Well, there you have the answer to what is a hurricane. It is a tropical nightmare, but if humans could somehow harness that energy we would never need fossil fuels again.

We have written many articles about hurricanes for Universe Today. Here’s an article about human influences generating more hurricanes, and here’s a NASA video of Hurricane Bill.

If you’d like more info on hurricanes, check out Visible Earth Homepage. And here’s a link to NASA’s Earth Observatory.

We’ve also recorded an episode of Astronomy Cast all about planet Earth. Listen here, Episode 51: Earth.

Sand Storm

Spring Sandstorm Scours China


A sand storm, also known as a dust storm is an atmospheric event when strong winds lift dust from one region and carry it into another. They’re most common in arid, desert regions where there’s little vegetation to hold the topsoil and sand down. Large sand storms can carry dust thousands of kilometers; dust that started in the Arabian desert can be dropped into the Pacific Ocean.

Sand storms get going when there’s a very dry region, without wet soil to hold the particles together. The smallest particles of sand can be pulled out of the ground by the wind, and held in suspension by the wind. It’s thought that static electricity in the storm can cause even more particles to pull out of the ground in addition to the wind effect. In some cases the dust is held low to the ground, but with the right atmospheric conditions, the sand can be carried more than 6 km high in the atmosphere.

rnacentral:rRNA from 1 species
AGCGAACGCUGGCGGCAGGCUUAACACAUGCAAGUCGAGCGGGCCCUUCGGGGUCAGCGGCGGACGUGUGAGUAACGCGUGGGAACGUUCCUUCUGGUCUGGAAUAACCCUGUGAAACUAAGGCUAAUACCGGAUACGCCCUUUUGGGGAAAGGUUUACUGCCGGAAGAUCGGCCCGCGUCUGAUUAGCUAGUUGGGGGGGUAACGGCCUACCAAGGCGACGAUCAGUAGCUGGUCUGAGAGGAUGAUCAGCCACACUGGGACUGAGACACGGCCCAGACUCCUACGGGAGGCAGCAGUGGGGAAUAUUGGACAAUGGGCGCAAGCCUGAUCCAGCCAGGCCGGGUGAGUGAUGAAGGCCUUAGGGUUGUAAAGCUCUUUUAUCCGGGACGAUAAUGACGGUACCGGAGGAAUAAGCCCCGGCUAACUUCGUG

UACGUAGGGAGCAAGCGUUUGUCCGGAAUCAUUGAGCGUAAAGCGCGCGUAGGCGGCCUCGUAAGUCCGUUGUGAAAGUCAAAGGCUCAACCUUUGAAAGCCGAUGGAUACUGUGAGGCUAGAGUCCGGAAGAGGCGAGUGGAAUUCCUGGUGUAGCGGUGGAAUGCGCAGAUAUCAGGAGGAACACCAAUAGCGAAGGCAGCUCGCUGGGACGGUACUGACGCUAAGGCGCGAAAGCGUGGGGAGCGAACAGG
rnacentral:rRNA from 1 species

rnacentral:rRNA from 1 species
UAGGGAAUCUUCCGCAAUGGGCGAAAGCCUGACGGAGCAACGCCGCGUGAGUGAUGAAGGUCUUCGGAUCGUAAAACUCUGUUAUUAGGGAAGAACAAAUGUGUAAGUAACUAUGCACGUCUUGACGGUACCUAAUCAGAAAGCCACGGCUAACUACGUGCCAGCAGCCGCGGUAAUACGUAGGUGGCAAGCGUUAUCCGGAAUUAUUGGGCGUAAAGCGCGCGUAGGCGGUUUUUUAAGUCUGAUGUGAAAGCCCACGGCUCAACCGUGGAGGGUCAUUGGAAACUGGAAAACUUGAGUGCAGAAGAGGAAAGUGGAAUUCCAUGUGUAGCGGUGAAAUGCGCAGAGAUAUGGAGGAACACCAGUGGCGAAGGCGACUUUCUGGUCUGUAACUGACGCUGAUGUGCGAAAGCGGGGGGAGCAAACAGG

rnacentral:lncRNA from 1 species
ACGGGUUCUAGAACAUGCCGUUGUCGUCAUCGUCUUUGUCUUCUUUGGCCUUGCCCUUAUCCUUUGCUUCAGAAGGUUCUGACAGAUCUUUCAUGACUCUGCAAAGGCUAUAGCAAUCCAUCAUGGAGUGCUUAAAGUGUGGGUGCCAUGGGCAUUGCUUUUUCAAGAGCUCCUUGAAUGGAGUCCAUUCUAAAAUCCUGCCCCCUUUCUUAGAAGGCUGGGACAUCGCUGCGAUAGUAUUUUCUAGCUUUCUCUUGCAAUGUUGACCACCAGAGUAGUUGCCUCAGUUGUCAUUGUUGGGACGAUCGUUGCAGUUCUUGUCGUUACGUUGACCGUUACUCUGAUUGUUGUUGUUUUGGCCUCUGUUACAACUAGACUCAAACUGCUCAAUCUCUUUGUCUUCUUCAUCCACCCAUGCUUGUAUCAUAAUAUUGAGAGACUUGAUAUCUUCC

Although sand storms are a natural event, it’s believed that poor farming techniques contribute to the problem. As the topsoil is depleted and erodes away by farming and grazing animals, it exposes the underlying sand and dust. This situation led to the huge dust storms of the Dust Bowl in the 1930s in the United States.

A dust storm can be quite a hazard if you get caught in one. The storms can spread over hundreds of kilometers, with driving winds that can be over 40 km/h. The sand can be thick enough to obscure visibility down to a very short distance. The dust can also be a danger to people with asthma and other respiratory illnesses.

Dust storms don’t just happen on Earth, they can also happen on Mars. In fact, dust storms can become so large on Mars they obscure the entire planet. When NASA’s Mariner 9 spacecraft arrived at Mars in 1971, there was a huge dust storm raging. Only the volcano Olympus Mons was visible above the haze of the dust storm. The most recent planet-wide dust storm occurred in 2007, posing a risk to the Mars Exploration Rovers. They rely on sunlight to power their solar panels, but the dust settling on their panels was reducing their power output.

We have written many articles about sand storms for Universe Today. Here’s an article about the black sand beaches, and here are some sandstorm pictures.

If you’d like more info on sandstorms, check out Visible Earth Homepage. And here’s a link to NASA’s Earth Observatory.

We’ve also recorded an episode of Astronomy Cast all about planet Earth. Listen here, Episode 51: Earth.